The Pep Boys, a national automotive aftermarket and service chain, has agreed to pay $5 million in civil penalties for violating the Clean Air Act by importing and selling motorcycles, recreational vehicles and generators manufactured in China that don’t meet environmental requirements, according to the U.S. Environmental Protection Agency (EPA) and the U.S. Justice Department.
As part of the agreement, Pep Boys is required to export or destroy over 1,300 non-compliant vehicles and engines, and to mitigate the adverse environmental effects of equipment already sold to consumers. The EPA estimates the environmental impact at 620 tons of excess hydrocarbon and nitrogen oxide emissions, and more than 6,520 tons of excess carbon monoxide emissions.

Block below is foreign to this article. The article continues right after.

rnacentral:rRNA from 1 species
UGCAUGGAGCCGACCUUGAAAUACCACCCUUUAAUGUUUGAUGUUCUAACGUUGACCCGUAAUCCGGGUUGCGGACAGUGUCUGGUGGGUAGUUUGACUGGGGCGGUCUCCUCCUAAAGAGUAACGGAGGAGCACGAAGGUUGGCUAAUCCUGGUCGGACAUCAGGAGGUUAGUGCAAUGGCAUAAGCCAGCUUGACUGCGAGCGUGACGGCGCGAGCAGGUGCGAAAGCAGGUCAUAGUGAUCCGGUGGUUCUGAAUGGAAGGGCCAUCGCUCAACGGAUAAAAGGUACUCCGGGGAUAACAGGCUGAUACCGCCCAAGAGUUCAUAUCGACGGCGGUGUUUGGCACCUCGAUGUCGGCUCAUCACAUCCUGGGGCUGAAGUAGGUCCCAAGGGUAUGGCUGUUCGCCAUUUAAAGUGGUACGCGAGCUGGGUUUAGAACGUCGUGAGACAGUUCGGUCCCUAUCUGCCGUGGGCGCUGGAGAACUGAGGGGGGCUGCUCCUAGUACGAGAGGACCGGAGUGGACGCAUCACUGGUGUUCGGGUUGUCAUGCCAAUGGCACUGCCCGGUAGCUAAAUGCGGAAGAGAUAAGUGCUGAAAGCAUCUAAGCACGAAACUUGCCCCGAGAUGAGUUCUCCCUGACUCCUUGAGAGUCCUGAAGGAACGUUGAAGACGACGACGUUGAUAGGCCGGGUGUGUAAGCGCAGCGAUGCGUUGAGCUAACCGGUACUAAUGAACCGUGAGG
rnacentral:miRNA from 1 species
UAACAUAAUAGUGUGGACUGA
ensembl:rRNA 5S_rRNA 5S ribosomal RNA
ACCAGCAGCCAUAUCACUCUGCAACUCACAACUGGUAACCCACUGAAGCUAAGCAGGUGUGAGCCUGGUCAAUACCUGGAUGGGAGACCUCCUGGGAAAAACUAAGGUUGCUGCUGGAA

The settlement also requires Pep Boys to implement projects to offset the excess emissions. The company also agreed to offer a free extended emission warranty on certain vehicle and engine models, to reimburse consumers for emission-related repair expenses, and to implement corporate compliance plans.
The EPA says this is the largest vehicle and engine importation case to date under the Clean Air Act in terms of number of vehicles and engines imported and penalty paid. The complaint alleges that Pep Boys and Baja, which supplied the non-compliant vehicles to Pep Boys, imported and sold at least 241,000 illegal vehicles and engines from 2004 through 2009.
Baja agreed to pay a penalty of $25,000.
Cummins also recently agreed to pay a $2.1 million penalty and recall 405 engines after a settlement was reached over alleged violations of the Clean Air Act.